26 ANDREW HEROD Second, although trade unions are significant expressions of working class organization, a Labor Geography should not be so narrowly defined that it is concerned simply with their activities. Unions are certainly important and often powerful workers’ institutions, but they do not hold a monopoly as instruments of the expression of working class people’s interests. A Labor Geography should therefore recognize that working class people — waged and unwaged — organize along many cross-cutting political, social, racial, gender and cultural lines. And yet, the fact that they do so as working class people rather than as capitalists distinctively shapes their spatial praxis and, hence, their production of geographical landscapes. In part, then, my argument here about the neglect of working class people as sentient spatial actors in economic geography is a theoretical one. Examining how particular groups of workers create their own spatial fixes — either in collaboration with or in opposition to both capital and other groups of workers — can provide significant insights into how the unevenly developed geography of capitalism comes to be produced. But it is also a political argument (to the extent that the theoretical and the political can ever be separated) about whose interests economic geographers choose to try to understand and represent. The social production of knowledge is a political process. Conceiving of workers as simply factors of production or as “variable capital” is to tell the story of the making of economic geographies through the eyes of capital. By proposing the notion of a “spatial fix for labor” and arguing for a more active and central role for workers in theory-building and empirical investigations of the creation of economic landscapes, it is also possible to tell the story of the making of economic geographies through the eyes of workers. Whereas geographers, especially those in the “locational analysis” tradition, have often used their skills to help corporations locate and relocate new facilities, understanding how workers use and create space as part of their daily and generational self-reproduction can, perhaps, provide a way for geographers also to use their skills to aid the dispossessed and the oppressed.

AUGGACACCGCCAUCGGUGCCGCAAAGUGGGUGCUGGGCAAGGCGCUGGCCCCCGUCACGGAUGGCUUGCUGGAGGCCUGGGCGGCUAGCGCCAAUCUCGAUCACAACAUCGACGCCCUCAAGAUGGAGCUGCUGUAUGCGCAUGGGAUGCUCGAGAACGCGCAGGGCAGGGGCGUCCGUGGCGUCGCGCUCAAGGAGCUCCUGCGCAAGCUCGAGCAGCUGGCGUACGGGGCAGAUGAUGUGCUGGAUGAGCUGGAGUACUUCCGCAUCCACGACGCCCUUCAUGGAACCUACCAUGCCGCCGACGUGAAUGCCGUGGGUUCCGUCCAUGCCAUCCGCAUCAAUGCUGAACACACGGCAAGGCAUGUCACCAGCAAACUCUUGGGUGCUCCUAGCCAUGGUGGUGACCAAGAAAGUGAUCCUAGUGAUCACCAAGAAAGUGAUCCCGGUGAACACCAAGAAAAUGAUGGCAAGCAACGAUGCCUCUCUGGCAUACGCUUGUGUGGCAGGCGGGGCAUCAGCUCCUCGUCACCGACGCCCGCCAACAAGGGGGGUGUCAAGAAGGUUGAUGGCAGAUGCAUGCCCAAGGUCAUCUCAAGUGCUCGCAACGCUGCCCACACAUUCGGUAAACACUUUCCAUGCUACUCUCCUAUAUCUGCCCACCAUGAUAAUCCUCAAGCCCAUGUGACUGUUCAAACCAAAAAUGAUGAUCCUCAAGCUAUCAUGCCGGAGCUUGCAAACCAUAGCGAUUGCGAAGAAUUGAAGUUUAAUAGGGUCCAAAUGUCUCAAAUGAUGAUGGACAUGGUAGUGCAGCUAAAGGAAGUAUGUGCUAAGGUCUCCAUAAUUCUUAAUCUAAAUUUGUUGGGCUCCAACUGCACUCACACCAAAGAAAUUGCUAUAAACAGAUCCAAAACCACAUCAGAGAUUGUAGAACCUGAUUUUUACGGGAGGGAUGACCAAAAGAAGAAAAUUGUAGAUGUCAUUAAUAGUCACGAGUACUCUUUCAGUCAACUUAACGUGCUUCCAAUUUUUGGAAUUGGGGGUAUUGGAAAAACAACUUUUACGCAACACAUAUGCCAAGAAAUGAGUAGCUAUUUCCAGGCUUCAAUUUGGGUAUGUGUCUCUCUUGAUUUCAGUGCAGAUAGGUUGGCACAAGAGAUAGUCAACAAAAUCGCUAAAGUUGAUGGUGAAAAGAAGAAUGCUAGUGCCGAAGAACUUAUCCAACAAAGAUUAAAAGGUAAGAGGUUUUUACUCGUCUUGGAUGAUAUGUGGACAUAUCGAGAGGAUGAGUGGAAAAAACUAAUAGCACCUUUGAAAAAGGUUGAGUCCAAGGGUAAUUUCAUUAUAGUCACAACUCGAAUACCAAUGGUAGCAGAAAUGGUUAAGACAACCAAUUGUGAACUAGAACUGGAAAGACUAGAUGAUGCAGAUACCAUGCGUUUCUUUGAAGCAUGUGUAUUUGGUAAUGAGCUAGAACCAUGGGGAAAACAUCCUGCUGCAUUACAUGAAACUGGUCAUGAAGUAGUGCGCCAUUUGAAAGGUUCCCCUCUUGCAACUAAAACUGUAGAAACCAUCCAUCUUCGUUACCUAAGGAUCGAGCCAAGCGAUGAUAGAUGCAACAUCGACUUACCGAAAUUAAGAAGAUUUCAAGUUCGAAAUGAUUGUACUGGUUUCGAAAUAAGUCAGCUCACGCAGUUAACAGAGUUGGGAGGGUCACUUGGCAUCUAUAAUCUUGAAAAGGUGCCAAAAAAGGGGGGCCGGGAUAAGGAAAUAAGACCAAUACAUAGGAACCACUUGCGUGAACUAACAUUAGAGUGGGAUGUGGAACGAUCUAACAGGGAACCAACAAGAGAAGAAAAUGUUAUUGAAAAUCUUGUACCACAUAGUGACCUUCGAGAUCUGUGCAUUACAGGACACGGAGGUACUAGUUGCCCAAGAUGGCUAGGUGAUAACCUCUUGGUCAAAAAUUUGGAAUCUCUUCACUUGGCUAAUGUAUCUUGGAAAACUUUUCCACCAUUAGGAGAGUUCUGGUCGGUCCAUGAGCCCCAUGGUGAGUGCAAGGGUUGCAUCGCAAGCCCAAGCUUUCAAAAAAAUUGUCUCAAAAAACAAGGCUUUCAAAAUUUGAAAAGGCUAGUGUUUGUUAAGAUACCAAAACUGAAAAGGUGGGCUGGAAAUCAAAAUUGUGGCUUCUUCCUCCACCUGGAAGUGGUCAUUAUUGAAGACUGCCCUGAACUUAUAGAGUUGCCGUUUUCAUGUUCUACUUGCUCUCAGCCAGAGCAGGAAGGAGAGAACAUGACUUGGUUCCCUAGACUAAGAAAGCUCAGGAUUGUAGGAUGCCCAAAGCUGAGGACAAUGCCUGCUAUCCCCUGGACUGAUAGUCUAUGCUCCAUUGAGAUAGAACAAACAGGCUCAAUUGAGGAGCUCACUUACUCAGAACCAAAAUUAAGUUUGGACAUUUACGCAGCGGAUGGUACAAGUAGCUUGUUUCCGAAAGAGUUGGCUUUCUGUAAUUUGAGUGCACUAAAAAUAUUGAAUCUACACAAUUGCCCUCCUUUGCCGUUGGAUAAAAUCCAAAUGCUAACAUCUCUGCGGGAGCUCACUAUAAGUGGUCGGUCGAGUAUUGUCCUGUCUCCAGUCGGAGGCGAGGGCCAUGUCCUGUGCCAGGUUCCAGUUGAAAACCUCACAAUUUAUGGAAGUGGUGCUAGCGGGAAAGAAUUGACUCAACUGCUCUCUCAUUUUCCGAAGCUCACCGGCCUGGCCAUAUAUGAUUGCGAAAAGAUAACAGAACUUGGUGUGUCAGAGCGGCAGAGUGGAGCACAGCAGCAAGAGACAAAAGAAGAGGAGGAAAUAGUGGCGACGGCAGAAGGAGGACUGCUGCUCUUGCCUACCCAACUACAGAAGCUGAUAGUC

Acknowledgments I would like to thank Robert Hanham, Don Mitchell, and Dick Walker for comments on an earlier draft of this paper.